Primary school teachers in Mzimba have bashed National Reading Programme (NRP), established in 2016 to promote reading among learners in junior classes, saying it has done more harm than good to leaners.
Speaking in an interview with a teacher from St Peters Primary School in Mzuzu, Rose Mvula said she resorted to using old teaching standards after noting that her leaners are not making strides with NRP.
“Come to standard six and pick a child randomly to read for you,you will be shocked to see that they don’t know anything. They can’t read for you. Such scenarios were few before NRP,”
As a result some of us are not using their [NRP] books. We use them when officials come for inspections. When gone, we settle forold teaching ways,”she said.
Mvula said the programme was not ideal for a country such as Malawi, with high teacher pupil ratio.
“NRP requires adequate time for teacher learner interaction. The recommended standard is 1 teacher against 20 leaners. That is not the case with us as teacher pupil ration can reach up to 1: 150,” she said.
Mvula bemoaned high workload in implementation of the program against what she said peanut salaries, arguing there is no way teachers could work hard.
“They require us to write a lot of reports. As a result we just cheat in our reporting and they feel happy that things are working on the ground,” she said.
Mvula said implementation of the program was rushed at, blaming officials for sidelining teachers during research stage.
Another teacher at Mphalapala Primary School, at Kabuwa in Mzimba, Wilford Phiri said the school has five teachers to cater for standards one to eight.
“At my school we are only 5 teachers and we are supposed to teach 1 to 8. However the program requires a teacher’s total commitment and supervision. I fail to teach to the expected standard because I have two classes.
“NRP also requires parent’s involvement in teaching the children when back home. However in the community there are parents who are illiterate and could hardly help their children,” he said.
Ministry of Education Science and Technology, spokesperson, Lindiwe Chide, said implementation of the programme is affected by lack of adequate resources.
She said primary schools across the country are facing challenges such as loss of books by some learners.
Chide said little support from parents to encourage their children to be readingis another worrisome development driving back the programme.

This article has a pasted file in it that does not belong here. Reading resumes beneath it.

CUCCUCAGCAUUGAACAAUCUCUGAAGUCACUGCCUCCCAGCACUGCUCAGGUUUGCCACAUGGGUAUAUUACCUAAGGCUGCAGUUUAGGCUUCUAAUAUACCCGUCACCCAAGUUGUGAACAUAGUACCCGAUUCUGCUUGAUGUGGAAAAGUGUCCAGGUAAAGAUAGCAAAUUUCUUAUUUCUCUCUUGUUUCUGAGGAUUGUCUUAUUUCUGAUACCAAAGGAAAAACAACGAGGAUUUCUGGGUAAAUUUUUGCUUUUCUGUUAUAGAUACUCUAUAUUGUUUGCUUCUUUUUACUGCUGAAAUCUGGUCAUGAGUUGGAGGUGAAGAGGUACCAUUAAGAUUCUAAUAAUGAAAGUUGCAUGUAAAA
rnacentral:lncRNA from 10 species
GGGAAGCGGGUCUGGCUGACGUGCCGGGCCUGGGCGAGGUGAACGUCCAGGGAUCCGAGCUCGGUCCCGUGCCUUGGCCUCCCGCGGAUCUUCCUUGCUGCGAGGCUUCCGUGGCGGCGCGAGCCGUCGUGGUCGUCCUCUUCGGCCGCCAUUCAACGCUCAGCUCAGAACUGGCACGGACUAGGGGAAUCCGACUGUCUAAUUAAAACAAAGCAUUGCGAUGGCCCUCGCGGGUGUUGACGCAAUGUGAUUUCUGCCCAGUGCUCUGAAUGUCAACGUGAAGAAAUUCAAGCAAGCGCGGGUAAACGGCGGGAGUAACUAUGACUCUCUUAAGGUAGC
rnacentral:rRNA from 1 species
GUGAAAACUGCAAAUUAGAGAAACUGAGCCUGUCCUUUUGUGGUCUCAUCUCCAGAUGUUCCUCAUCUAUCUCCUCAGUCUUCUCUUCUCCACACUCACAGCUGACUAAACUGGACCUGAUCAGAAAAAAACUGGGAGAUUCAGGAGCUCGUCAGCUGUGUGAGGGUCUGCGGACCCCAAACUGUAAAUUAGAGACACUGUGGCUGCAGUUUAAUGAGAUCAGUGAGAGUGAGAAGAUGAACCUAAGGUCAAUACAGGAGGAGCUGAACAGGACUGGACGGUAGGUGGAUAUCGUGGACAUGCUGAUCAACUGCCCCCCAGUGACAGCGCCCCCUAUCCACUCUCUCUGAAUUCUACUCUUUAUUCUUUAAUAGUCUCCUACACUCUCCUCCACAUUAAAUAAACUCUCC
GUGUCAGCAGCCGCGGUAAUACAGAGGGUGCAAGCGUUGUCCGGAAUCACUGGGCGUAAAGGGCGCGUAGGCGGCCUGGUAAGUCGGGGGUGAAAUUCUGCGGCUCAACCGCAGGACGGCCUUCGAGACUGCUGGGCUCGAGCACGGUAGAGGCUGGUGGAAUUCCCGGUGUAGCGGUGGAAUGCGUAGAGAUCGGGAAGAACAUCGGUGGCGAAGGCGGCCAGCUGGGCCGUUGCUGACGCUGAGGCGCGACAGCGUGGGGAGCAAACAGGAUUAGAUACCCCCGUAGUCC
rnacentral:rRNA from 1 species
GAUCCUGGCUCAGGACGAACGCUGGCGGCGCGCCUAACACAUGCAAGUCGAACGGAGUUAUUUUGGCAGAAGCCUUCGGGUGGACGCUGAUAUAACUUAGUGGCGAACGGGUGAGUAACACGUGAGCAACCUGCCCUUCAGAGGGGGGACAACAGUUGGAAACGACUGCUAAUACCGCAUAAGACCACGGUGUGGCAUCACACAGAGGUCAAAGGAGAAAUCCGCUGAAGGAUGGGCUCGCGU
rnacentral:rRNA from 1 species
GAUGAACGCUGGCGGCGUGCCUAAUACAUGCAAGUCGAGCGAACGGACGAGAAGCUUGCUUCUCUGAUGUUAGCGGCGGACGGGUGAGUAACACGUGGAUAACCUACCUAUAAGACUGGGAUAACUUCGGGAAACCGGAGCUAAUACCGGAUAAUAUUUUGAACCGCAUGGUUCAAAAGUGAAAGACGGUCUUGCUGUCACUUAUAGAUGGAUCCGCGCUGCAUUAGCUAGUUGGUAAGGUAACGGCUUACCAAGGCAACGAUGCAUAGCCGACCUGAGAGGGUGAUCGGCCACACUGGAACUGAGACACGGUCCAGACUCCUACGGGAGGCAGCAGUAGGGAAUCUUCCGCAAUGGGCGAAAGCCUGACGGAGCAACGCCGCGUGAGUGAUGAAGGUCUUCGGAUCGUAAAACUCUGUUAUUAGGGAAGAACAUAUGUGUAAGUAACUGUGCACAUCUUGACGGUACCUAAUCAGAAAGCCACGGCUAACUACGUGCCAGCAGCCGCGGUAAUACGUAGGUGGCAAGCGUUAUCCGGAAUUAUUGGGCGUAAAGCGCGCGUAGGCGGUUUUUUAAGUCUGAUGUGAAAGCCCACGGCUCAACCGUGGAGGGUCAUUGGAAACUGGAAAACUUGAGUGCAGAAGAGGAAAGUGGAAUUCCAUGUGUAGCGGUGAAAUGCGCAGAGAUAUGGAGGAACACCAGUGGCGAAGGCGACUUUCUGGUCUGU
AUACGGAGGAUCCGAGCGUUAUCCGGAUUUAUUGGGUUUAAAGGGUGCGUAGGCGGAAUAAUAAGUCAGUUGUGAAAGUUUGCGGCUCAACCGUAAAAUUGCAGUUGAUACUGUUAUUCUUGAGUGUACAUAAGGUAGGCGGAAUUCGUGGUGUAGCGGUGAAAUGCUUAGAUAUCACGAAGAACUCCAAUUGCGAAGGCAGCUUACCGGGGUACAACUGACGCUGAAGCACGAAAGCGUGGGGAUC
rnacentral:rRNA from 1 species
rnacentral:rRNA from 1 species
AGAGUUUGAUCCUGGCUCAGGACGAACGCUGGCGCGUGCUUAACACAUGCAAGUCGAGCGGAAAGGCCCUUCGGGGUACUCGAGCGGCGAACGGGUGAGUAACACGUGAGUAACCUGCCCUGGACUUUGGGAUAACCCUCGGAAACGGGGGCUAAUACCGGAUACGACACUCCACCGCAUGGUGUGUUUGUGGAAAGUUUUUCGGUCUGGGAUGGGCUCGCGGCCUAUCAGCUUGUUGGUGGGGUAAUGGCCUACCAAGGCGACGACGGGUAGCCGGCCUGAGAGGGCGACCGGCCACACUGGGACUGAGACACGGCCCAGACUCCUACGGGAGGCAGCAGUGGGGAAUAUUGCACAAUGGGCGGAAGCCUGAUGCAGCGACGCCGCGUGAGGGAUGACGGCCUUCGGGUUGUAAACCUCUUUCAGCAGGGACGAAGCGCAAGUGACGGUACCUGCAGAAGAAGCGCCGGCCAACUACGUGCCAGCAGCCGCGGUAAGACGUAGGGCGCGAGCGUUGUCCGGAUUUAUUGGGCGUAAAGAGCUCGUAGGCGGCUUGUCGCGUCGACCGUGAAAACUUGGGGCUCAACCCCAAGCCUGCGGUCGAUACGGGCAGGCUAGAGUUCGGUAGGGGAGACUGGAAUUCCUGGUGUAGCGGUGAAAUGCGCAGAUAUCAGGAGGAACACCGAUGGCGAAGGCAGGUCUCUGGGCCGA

She however said a lot of activities towards the program, such as trainings, were achieved.
“The programme was very fruitful as we have managed to train 38, 591 teachers across the country for standard 1 to 4 in literacy instructions and also provided over 8 million English and Chichewa books and 10, 076, 949 supplementary readers.
“However there has been a setback because some books have been lost by some learners in schools since they are given to be practicing at home, Learners have lost a number of books,” Chide pointed out.
Education Activist, Benedicto Kondowe, said for the programme to be successful, government needs to motivate teachers.
He said money aside, the teachers would be inspired in a special way like provision of certificates to best teachers.
“I think we should not just look at motivation in the context of money though some teachers were complaining that they are not being motivated enough.
“There are so many mechanisms in which we can motivate teachers for example provision of resource books so that teachers are committed,” Kondowe added.
He said provision of refresher courses or trainings and motivation of recognition certificates for those who are doing extremely well.
Kondowe said a lot in the NRP has to be done because a lot of teachers are not well orientated in terms of their roles and responsibilities.
“If you look at the National Reading Programme, you will note that on one hand teachers are not adequately oriented in terms of their roles and responsibilities and the knowledge requirement to utilize the national reading programme agenda,” he added.Follow and Subscribe Nyasa TV :